Gbenga Kajopaye: That’s great. I was a little surprised that in Mrs. Unmarried you cleverly introduced what I assumed to be your debut novel- Behind Dark Clouds which was published in 2015 by Partridge Africa. Can you tell me more about the book, and why you introduced it in Mrs. Unmarried?
C. Mgbeadichie: [Laughs] Yes it is my book and I decided to do a little pointer to it. Okay so, Behind Dark Clouds is a legal fiction as well, it’s about a young woman by the name Monalisa or Lisa as her family and friends call her, who was raped at a very young age and this incidence brought forth a beautiful daughter, but then her dream to become a doctor was about to be snatched away by fate because her parents were gone and there was no one to help her further her education. She took her destiny in her hands, abandons the child and runs off to fulfil her dreams. Then [she] returns only to be hunted by the fact that she had abandoned the child. The question is, if life put you in such a dire situation, what will you do?
Gbenga Kajopaye: Looking at some of your stories and the events unravelled in them, it seems that Murder cases are common in them. Are there possibilities that you would shift your focus from Murder crimes to any of the other crimes like drug trafficking, arm robbery, bribery and so on?
C. Mgbeadichie: Sure, definitely! The next book in the series is a political drama and has to do with racketeering and drug trafficking.
Gbenga Kajopaye: You’re a legal practitioner with a Masters Degree from the University of Buckingham, United Kingdom. This simply might explain why you write mystery or crime novels. Do you have any other reason or reasons you engage in this genre and what are they?
C. Mgbeadichie: [Laughs] I write mystery novels because I love the tingle I feel in my stomach when I am imagining the scenes. It’s like a love feeling; there is this ticklish [feeling] in my toes when I weave those suspense. It’s kind of comes with the territory though.
Gbenga Kajopaye: Can you tell me particularly the authors and books that influenced your writing along the mystery genre? 
C. Mgbeadichie: As a child I used to read a lot of Harlequin novels, I read premeditated murder, and a couple of others which I can still remember their story lines but somehow have forgotten the titles. I loved books that had mysteries in them. 
Gbenga Kajopaye: Are you currently working on another literary piece? Can you talk about it?
C. Mgbeadichie: Oh sure, I have posted some portions of them on my Facebook Author Page, [and] that’s @nelomgbeadichie and on my blog, It’s a sequel to Mrs. Unmarried, and it focuses on Kim, the Movie producer in Mrs. Unmarried. Like I said earlier, it is a political drama of betrayal, love, [and] blackmail. There is a whole lot packed in the story. I feel the tingling already [Laughs].

Author Bio

Chinelo Mgbeadichie is a legal practitioner with a Masters degree from the University of Buckingham, United Kingdom. She loves to create and spin mystery tales. Currently she is in active practice and resides in Lagos, Nigeria.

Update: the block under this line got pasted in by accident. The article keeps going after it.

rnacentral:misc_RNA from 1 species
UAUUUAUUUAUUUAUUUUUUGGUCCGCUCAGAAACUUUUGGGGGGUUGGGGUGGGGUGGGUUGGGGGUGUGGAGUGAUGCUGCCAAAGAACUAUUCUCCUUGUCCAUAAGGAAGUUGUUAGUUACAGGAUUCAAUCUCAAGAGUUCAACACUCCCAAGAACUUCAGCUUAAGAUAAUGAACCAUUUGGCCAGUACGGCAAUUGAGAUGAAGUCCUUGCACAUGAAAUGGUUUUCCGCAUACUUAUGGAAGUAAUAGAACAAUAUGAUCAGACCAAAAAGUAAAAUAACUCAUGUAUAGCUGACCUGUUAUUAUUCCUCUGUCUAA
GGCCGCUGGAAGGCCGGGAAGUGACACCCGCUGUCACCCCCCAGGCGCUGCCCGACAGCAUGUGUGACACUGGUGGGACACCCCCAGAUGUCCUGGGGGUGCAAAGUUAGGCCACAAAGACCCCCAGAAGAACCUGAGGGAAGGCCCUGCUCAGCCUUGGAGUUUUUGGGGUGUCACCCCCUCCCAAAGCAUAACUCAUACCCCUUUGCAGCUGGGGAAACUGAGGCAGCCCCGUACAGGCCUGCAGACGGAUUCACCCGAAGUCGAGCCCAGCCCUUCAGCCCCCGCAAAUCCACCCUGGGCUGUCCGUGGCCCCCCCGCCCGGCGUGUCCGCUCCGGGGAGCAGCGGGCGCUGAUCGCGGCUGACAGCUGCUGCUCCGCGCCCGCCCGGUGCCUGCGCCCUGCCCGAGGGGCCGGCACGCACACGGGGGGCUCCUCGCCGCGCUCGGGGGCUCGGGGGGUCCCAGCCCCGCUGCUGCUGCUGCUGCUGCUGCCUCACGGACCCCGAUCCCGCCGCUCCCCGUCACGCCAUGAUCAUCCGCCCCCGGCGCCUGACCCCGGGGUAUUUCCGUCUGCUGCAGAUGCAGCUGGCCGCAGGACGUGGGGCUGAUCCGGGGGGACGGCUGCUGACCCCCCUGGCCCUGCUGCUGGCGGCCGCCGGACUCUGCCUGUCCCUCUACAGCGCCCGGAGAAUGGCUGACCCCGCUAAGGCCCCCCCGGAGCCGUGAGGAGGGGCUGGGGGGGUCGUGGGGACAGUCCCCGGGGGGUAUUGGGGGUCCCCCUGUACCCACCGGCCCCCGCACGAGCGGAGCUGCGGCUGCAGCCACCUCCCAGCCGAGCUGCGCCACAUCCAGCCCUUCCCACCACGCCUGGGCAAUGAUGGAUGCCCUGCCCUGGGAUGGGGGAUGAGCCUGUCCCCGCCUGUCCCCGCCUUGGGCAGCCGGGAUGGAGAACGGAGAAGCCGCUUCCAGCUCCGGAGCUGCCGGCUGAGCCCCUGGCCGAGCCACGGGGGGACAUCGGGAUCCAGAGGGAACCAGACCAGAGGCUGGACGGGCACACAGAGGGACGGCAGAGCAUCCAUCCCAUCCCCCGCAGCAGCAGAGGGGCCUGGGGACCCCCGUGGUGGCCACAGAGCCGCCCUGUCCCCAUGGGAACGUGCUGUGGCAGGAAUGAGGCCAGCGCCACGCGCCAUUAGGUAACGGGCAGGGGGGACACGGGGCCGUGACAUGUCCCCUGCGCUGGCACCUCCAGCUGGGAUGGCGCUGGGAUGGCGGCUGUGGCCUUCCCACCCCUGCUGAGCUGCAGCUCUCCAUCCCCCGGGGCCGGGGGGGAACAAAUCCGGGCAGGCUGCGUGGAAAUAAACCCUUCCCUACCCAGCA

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A Divine Inspiration Could Birth A Divine Book_Read!

Penthusiasm Book Review

Are they philosophical short stories that use metaphorical conceits to prove some logics and beliefs in the various arguments of human existence? Or should I call them profound tales that are heavily obliged to be didactic to humanity? Penthusiasm by Bello Victor Oluwashina is a collection of seven catching, succinct and moral-driven short stories which are deeply steeped in the basic worth intrinsic to religious precepts and scriptures. 

Play Station, the first short story tells a story of a young school boy whose love for video games or play station games is paramount and second to none. The boy however, realises the system of destiny which, unlike the ‘football players’ in his video games, is not controlled by somebody else, but by oneself. My First Love asserts, through the story of Tunde who met his presumed ‘first love’ on campus, only to be so suddenly separated from her due to her emergent migration to  the US- that everyone had always had their first love before falling in love with any gentleman or lady. Mount Moriah is a brilliant adaptation of the popular Bible story of Abraham going to Mount Moriah to offer his long-awaited covenant child- Isaac as a sacrifice in obedience to God. The short story is told from little Isaac’s point of view which summarily added to the beauty and creativity of the whole narrative and which of course gives the reader a point of reminisce. 

Penthusiasm is a luminous collection of edifying short stories which truly is- in the author’s own word- ‘the writing of the pen through divine inspiration’, and which of course is the intended meaning of the coined book title- ‘Penthusiasm’. The language and style of the stories are concise, straightforward and down to earth; it is understandable and accessible to all levels of readers, which unfortunately is no good news to advance readers who are looking for a book to improve their vocabulary or lexis. However, it is basically a book good enough for leisure reading and relaxation, and I recommend this book to all readers who are looking for a fast, interesting and moralizing read.